Abstract

Purpose

This paper aims to explore how visual comprehensibility of a product can affect innovation adoption among the bottom of the pyramid (BOP) consumers in Bangladesh.

Design/methodology/approach

This is an exploratory qualitative study based on interviews with eight managerial respondents involved in the design and marketing of innovative products targeted at BOP consumers in Bangladesh and three respondents who are consumers of these products.

Findings

One key finding from this research, in comparison to innovation adoption research in developed contexts, is the distinct importance that BOP consumers attach to visual cues in learning about and understanding a new product.

Practical implications

This research provides guidance for private and public sector organisations selling products and services to BOP consumers explaining the role of visual cues in generating better product comprehension. It also identifies the role of social relations in facilitating the adoption of new products within this segment.

Social implications

By enhancing the adoption of so-called pro-poor innovations, this research can assist in bringing about positive social change and developmental benefits in this burgeoning segment of the market.

Originality/value

This is one of the first studies to consider innovation adoption of pro-poor innovations in BOP markets and one of the first studies to collect data on the role of visual comprehensibility for consumers in BOP markets.

Details

Qualitative Market Research: An International Journal, vol. 20 no. 2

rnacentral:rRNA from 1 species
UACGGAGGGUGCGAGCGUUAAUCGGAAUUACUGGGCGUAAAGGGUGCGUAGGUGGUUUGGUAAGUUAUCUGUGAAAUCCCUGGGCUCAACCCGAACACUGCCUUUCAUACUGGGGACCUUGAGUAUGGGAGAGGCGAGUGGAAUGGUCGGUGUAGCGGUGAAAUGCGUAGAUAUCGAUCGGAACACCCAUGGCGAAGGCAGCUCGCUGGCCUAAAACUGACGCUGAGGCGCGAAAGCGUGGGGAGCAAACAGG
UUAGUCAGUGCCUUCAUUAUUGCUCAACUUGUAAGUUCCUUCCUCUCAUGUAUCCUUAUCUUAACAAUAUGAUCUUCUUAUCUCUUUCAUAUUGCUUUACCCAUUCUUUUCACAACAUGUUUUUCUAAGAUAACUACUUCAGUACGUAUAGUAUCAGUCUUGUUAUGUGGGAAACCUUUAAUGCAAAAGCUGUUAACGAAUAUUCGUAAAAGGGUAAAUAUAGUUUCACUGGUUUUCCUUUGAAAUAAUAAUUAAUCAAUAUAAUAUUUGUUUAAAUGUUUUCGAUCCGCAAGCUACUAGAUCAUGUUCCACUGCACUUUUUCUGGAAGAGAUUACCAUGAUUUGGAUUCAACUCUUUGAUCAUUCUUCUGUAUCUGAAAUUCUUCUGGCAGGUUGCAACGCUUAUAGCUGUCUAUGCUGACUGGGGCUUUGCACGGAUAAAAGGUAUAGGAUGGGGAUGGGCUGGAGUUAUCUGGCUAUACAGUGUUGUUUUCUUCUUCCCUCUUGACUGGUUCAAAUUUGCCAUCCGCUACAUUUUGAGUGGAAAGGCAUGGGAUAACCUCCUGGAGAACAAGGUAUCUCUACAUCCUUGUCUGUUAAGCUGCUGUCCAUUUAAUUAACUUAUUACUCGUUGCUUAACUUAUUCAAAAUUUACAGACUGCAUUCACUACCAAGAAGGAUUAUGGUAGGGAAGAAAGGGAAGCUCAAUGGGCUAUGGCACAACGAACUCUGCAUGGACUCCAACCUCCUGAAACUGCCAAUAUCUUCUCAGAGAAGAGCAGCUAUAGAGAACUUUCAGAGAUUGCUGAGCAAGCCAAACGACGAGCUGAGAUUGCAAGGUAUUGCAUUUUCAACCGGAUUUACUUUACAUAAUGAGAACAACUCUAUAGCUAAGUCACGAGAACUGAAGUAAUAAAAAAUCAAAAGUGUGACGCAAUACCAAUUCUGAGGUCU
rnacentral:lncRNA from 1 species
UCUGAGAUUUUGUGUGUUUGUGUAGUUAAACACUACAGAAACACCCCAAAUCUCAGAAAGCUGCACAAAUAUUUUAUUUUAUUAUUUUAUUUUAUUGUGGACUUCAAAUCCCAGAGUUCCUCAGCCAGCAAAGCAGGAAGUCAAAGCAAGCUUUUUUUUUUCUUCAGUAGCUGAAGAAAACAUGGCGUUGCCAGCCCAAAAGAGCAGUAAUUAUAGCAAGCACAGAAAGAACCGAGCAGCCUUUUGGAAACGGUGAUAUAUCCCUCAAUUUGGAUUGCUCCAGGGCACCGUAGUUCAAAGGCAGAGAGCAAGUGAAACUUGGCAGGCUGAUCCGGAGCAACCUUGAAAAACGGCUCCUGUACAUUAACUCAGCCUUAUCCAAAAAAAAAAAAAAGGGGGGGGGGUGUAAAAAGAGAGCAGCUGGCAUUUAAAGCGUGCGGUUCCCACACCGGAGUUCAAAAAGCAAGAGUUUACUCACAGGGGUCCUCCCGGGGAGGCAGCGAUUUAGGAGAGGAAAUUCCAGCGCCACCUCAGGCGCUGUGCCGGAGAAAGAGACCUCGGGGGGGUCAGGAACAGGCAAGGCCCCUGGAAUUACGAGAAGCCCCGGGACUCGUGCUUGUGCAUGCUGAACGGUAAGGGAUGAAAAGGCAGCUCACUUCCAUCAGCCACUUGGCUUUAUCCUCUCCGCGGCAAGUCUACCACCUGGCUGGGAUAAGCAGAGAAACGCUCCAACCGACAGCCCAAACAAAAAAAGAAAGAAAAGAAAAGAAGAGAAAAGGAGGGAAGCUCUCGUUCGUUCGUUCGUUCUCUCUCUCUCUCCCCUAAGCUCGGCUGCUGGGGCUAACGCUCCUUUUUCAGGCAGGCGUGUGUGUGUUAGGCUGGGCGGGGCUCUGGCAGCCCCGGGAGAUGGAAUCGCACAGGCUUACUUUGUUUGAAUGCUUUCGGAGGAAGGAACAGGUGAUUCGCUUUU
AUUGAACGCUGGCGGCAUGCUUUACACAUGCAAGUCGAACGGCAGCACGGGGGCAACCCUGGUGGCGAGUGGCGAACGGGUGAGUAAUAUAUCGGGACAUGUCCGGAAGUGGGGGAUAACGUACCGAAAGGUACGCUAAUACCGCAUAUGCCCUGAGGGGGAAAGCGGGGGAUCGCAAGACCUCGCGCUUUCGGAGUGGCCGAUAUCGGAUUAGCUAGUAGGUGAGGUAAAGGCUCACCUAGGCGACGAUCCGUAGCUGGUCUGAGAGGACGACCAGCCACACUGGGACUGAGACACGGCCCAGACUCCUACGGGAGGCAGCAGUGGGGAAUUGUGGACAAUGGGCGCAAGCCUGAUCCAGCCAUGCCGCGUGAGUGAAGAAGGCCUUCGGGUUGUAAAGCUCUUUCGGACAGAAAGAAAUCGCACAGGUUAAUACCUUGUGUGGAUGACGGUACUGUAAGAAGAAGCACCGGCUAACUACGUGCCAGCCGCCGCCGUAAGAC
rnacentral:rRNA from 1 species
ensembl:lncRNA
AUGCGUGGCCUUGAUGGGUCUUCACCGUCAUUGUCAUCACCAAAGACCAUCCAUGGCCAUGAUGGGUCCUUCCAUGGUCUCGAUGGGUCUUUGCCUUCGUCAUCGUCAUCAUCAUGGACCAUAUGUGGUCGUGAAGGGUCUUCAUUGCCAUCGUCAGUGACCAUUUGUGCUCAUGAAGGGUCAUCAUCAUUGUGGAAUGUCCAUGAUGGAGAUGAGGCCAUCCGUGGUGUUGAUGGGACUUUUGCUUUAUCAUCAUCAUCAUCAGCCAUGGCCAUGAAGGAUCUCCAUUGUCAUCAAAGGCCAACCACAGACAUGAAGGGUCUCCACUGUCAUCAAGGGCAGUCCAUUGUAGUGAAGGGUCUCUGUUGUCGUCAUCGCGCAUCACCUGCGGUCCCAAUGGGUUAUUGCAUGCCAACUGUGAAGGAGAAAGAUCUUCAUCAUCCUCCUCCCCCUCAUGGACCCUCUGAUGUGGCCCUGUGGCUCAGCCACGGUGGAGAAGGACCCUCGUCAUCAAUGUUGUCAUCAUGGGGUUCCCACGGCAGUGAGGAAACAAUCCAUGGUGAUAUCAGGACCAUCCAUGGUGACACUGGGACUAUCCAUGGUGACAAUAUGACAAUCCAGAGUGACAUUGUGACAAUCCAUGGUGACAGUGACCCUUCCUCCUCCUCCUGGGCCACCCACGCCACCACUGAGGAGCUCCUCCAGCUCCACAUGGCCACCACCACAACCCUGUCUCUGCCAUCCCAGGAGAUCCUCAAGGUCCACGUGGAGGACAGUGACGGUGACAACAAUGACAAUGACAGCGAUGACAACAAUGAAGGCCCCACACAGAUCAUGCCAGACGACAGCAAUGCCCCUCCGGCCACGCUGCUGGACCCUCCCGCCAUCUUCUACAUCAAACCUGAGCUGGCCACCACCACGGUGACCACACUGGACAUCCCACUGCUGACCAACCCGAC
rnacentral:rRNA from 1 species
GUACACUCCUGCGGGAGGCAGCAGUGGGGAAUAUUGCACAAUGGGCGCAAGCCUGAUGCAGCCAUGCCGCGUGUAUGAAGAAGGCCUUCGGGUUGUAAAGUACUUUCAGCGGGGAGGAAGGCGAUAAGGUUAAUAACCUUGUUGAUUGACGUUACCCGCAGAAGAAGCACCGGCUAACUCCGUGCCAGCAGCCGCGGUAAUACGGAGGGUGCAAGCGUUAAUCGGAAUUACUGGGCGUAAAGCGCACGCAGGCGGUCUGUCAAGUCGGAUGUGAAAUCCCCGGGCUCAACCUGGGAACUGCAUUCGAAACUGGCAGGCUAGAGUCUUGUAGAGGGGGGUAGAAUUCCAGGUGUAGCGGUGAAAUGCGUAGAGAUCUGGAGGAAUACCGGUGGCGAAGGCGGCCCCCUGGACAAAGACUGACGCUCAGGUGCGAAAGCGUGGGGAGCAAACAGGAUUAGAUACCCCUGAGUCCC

Type: Research Article
ISSN: 1352-2752

Keywords

Article
Publication date: 8 August 2019

Ken McPhail and Carolyn J. Cordery

The purpose of this paper is to reflect on the 2004 AAAJ special issue (SI): “Accounting and theology, an introduction: Initiating a dialogue between immediacy and…

Abstract

Purpose

The purpose of this paper is to reflect on the 2004 AAAJ special issue (SI): “Accounting and theology, an introduction: Initiating a dialogue between immediacy and eternity,” the relative immediate impact of the call for papers and the relevance of the theme to address issues in accounting today and in the future.

Design/methodology/approach

The paper is a reflection and is framed around three different modes of engagement with new perspectives as identified by Orlikowski (2015). These are religion as phenomenon, as perspective and as a worldview. The authors draw on Burrell and Morgan’s (1979) framework in order to explore the ontological and epistemological blinkers that have limited the attempts to explore accounting from a theological perspective.

Findings

The paper argues that historical and current structures can limit the manner in which accounting research uses theological perspectives. Indeed, the concerns of the initial SI remain – that the contemporary economic and knowledge system is in crisis and alternative ways of questioning are required to understand and respond to this system.

Research limitations/implications

As a reflection, this paper is subject to limitations of author bias relating to our beliefs, ethnicities and culture. The authors have sought to reduce these by drawing on a wide range of sources, critical analysis and the input of feedback from other scholars. Nevertheless, the narrative of impact remains a continuing story.

Originality/value

In drawing on both an original SI guest editor and a scholar for whom the 2004 SI has become a touchstone and springboard, this paper provides multiple viewpoints on the issue of accounting and theology.

Details

Accounting, Auditing & Accountability Journal, vol. 32 no. 8
Type: Research Article
ISSN: 0951-3574

Keywords

Content available
Article
Publication date: 19 July 2019

Ben Lowe, Yogesh Dwivedi and Steven Peter D'Alessandro

Abstract

Details

European Journal of Marketing, vol. 53 no. 6
Type: Research Article
ISSN: 0309-0566

Article
Publication date: 1 April 2021

Mitchell R. Davis

Despite an ever-diversifying student population, it is still commonplace for US public schools to present Christmas concerts. These concerts can force minority students to…

Abstract

Purpose